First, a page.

On the heels of General Conference 2016, there are many, various, and legitimate concerns and hopes regarding the Bishops’ establishment of a commission to study human sexuality in ways that take us beyond the current impasse, while at the same time preserving the unity of the denomination. I write today as one grateful for the leadership of our bishops and the process they have set in motion. But the question that connects all of us is this: what will it take to make this process a genuinely new way?
In the days following General Conference there will be numerous suggestions made about this, both within the Council of Bishops itself and outside it. I offer today some of my own thoughts about the question, looking at it from two vantage points.
First, there is a crucial non-negotiable: no one must sit on the commission whose past or current behavior says, “I can tell you right now how I am going to vote, no matter what I see or hear during the process.” I do not mean that the commission should be comprised of those who lack conviction, but I do mean it must not be made up of those who hold what today are called opinionated convictions. Partisanship will poison the well before any water is drawn from it. Just as people are not placed on juries who have already made up their minds about the guilt or innocence of a person, no one must sit on the commission who is closed to the very things the process is designed to bring forth.
Second, the commission must include LGBTQIA members and new-generation United Methodists. I mean ongoing membership, not just consultation or involvement through listening sessions, etc. LGBTQIA persons must be members because the process is focused on the paragraphs in the Book of Discipline which directly affect them. And new-generation United Methodists (those under 40–who were not even alive when all this got started) must be members because they live in a world that is different than it was in 1972 (both in terms of knowledge and experience), and this generation is the one that must live with whatever decision the commission reaches and the General Conference enacts.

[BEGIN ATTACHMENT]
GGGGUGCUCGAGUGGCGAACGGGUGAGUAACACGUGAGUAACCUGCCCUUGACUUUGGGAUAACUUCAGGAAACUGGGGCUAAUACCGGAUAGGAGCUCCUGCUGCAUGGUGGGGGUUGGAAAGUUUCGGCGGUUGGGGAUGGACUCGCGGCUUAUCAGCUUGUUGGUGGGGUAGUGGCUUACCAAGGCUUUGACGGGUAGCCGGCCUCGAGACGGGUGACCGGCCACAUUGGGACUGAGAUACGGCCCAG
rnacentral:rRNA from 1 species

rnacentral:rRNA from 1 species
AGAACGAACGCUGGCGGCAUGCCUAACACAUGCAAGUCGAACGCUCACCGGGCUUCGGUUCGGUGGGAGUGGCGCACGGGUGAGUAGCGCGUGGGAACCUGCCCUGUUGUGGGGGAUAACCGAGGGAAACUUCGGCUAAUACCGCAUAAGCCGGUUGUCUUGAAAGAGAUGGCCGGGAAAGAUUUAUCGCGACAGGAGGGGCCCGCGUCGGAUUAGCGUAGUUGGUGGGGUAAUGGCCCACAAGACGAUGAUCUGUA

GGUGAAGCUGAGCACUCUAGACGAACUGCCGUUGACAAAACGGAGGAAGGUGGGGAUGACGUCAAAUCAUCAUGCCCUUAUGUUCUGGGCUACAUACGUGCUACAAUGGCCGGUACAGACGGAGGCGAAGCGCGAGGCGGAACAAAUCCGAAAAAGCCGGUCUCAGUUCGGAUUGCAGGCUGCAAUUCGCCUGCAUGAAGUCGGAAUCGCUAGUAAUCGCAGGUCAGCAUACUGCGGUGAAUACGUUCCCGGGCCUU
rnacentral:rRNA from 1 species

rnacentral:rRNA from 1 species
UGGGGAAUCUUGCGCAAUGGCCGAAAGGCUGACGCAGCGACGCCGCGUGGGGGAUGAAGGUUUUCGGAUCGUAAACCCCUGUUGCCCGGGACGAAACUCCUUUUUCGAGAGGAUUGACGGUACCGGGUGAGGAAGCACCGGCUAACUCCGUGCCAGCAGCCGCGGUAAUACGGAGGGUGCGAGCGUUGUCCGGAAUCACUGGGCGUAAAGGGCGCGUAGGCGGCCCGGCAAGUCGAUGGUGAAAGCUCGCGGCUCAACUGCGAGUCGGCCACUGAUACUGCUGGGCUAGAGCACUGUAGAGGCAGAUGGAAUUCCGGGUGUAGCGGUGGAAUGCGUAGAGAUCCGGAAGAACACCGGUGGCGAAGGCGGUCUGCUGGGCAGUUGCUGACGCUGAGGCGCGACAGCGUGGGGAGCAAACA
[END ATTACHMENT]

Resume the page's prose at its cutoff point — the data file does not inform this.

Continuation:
Although there are many factors embedded in these two points, my overall conviction is this: the commission must not be made up of people who have demonstrated over the course of 40+ years that they are either unable or unwilling to lead us beyond the current institutional impasse. It must not be put back into the hands (that is, control) of the very people who have had plenty of time to address the challenge, and whose failure to do so is what has given rise to the need for a commission in the first place.
It must be made up of people whose bedrock conviction is this, “By God’s grace, we can discern and enact a better way.” If that spirit characterizes the members of the commission, it has real potential to become what the Bishops envisioned in calling for it, and what the General Conference hoped for in approving it–a new way for the denomination.
I hope this blog puts me in the role of “Captain Obvious,” and merely states what is clear to everyone. But clear or not, I offer these two points for consideration and out of the conviction that new wine must be poured into new wineskins.
At the core, the proposal is a fresh call to prayer in these days immediately following General Conference, not only for those who will be members of the commission, but a call to prayer for the rest of us who support them in their efforts.